The standards of American culture wouldn’t allow J.A. Bayona’s A Monster Calls to be considered a family film. Generally speaking, it’s assumed that our younger audiences, particularly adolescents, aren’t prepared for films about life and humanity unless they’re sanitized to some degree. The other assumption is that they wouldn’t be interested in such films at all, and so they’re instead condescendingly peddled nothing but comic book adaptations and action extravaganzas.
While it’s true that A Monster Calls is a mature work that’s painfully heart-wrenching, the lessons it teaches are so powerful and fundamentally true that, in my opinion, adolescent audiences would benefit greatly from seeing it.
By all outward appearances, it’s another effects-laden fantasy – in this case, the story of a boy who befriends a giant creature made of tree bark, branches, twigs, and fire. Don’t let the poster or the trailers give you the wrong impression; beneath the simplicity of enchanting fairy tale imagery lies a deeply touching, refreshingly profound, unflinchingly empathetic examination of getting through life’s trials and tribulations. The characters aren’t separated into the dichotomies of good and bad, but instead revealed as the complicated human beings they actually are. Most strikingly, it shows tremendous insight into the different ways people process pain, anger, hurt, frustration, and sadness.
Adapted by Patrick Ness from his own novel (itself based on an idea by the late Siobhan Dowd), it tells the story of a twelve-year-old English boy named Conor O’Malley (Lewis MacDougall) and his physical and psychological struggles; if it weren’t enough that he has to process a divorced father (Toby Kebbell) living with a new family in Los Angeles, a stern and emotionally distant grandmother (Sigourney Weaver), and daily beatings by a group of school bullies, he also has great difficulty coping with the fact that his beloved mother (Felicity Jones) is gradually succumbing to a terminal illness, presumably cancer.
He’s also plagued with a recurring nightmare in which the church graveyard visible from his bedroom window cracks into an open fissure, and he frantically tries to prevent his mother from falling in. He awakens at precisely the same time, 12:07 am. As it turns out, this is the same time when he’s eventually approached by an unnamed tree monster (a CGI creation voiced in deep rumbles by Liam Neeson), who of course is assumed to be either a hallucination or an extension of the dream. Whether or not he’s either of those things or a genuine otherworldly creature is entirely beside the point; through his periodic experiences with the monster, regardless of whether they’re real or imagined, Conor learns valuable life lessons and hard truths, not just about other people but himself as well.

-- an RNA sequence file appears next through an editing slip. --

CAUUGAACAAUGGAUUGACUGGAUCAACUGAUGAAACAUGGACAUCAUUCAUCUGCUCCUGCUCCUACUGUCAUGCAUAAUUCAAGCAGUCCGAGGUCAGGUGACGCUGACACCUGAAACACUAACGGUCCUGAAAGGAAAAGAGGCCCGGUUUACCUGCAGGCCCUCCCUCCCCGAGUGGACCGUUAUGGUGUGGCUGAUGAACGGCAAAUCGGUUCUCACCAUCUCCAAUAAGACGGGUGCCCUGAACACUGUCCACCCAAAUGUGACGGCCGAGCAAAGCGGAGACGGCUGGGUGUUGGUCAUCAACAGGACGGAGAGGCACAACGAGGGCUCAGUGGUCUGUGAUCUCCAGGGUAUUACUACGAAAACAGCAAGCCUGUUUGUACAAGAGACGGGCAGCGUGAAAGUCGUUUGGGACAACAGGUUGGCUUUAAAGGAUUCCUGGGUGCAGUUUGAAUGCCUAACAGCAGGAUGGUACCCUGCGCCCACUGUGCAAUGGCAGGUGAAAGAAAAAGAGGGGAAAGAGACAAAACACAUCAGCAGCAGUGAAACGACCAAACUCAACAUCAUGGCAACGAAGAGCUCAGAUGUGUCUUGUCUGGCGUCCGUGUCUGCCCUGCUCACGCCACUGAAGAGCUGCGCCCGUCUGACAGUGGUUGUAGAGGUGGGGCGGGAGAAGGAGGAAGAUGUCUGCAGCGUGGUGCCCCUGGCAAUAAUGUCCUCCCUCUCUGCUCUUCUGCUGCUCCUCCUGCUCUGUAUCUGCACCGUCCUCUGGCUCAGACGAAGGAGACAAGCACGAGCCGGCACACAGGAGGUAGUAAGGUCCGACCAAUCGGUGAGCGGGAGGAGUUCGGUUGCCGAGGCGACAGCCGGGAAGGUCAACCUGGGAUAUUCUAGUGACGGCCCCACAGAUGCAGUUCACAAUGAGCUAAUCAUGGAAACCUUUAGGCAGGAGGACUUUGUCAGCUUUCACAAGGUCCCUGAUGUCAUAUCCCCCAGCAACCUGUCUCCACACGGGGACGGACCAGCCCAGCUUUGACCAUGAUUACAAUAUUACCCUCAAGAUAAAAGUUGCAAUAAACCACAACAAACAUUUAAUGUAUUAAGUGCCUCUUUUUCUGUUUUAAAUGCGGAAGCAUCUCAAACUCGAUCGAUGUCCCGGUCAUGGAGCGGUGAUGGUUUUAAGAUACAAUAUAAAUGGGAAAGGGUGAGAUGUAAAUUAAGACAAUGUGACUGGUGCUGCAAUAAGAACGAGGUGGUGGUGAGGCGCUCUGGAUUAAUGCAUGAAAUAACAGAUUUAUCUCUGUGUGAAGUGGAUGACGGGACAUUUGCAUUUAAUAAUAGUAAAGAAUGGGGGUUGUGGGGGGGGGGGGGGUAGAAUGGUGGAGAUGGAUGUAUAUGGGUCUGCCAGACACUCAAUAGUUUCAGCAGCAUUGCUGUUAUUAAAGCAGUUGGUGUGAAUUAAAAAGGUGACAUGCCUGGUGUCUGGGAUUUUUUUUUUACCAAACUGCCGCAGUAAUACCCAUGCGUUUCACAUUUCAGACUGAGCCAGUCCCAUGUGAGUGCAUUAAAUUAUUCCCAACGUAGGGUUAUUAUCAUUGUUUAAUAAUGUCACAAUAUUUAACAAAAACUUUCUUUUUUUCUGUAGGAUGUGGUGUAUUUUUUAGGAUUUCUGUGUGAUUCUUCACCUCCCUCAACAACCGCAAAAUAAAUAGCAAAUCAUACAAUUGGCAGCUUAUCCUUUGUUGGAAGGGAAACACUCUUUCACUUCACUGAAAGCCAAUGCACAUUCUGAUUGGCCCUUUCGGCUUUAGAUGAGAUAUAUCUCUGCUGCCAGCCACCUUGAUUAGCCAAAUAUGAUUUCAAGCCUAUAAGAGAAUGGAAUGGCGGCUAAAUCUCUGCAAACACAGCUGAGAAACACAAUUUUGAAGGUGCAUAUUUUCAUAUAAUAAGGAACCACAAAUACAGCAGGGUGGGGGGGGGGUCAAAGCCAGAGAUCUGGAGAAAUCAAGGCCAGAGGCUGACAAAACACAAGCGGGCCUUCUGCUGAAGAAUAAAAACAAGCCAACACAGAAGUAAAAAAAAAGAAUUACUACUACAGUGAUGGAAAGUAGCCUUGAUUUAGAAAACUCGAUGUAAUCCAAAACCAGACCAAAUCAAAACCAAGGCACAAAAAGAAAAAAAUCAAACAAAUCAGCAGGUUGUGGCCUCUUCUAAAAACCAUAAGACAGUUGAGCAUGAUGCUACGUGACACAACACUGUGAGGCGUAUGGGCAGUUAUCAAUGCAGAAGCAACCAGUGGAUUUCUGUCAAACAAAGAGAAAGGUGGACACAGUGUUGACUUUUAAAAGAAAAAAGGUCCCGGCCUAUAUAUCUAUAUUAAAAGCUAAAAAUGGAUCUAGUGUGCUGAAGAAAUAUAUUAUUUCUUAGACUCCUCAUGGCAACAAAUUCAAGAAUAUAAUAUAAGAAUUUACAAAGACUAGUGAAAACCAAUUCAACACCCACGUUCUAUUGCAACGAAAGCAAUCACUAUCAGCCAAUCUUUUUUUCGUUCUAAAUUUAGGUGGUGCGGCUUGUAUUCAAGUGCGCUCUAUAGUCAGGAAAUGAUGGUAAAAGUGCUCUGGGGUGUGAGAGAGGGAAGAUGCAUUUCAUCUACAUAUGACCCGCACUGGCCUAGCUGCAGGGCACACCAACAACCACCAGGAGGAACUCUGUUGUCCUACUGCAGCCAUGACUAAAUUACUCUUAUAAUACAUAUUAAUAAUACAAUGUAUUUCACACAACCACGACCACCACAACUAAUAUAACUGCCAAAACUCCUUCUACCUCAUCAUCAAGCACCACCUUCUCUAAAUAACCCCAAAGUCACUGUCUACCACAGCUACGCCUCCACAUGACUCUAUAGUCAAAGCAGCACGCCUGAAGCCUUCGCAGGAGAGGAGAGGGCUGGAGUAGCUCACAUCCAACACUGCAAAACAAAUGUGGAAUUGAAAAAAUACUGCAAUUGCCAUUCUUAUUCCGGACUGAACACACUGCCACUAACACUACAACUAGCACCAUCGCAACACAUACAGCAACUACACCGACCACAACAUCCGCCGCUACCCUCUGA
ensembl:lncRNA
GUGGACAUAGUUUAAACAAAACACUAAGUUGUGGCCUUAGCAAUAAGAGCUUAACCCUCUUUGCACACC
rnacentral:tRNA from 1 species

The monster conveys the lessons through living watercolor-and-ink fairy tales, visually spectacular sequences that look every bit like the watercolor-and-ink illustrations Conor is known for making. The fairy tales are told simplistically, and yet they’re filled with complicated characters that, in ways both good and bad, aren’t what they seem. It’s not that Conor is supposed to like or dislike any of them, but rather that he needs to recognize that people rarely if ever can be placed into such extremes as good or bad. A murderer can be a great king. A holy medicine man, who has spent his life helping the sick, can be cruel and vindictive.
How does this relate to Conor? Like everyone else in the world, he’s just as complicated. He can hate being ignored even more than being bullied, because as unpleasant as it sounds, bullying is a form of acknowledgment. He can vent his anger at his grandmother in the most personal of ways, despite the fact that she too is processing the impending loss of a loved one. And yes, he can even long for a release from the pain of his mother’s failing health, even though the thought of letting her go wracks him with guilt. The genius of A Monster Calls is that, even through the filter of fantasy and fairy tales, it tells a story so real, so grounded, so deeply understanding of how people actually are. This is one of the year’s best films.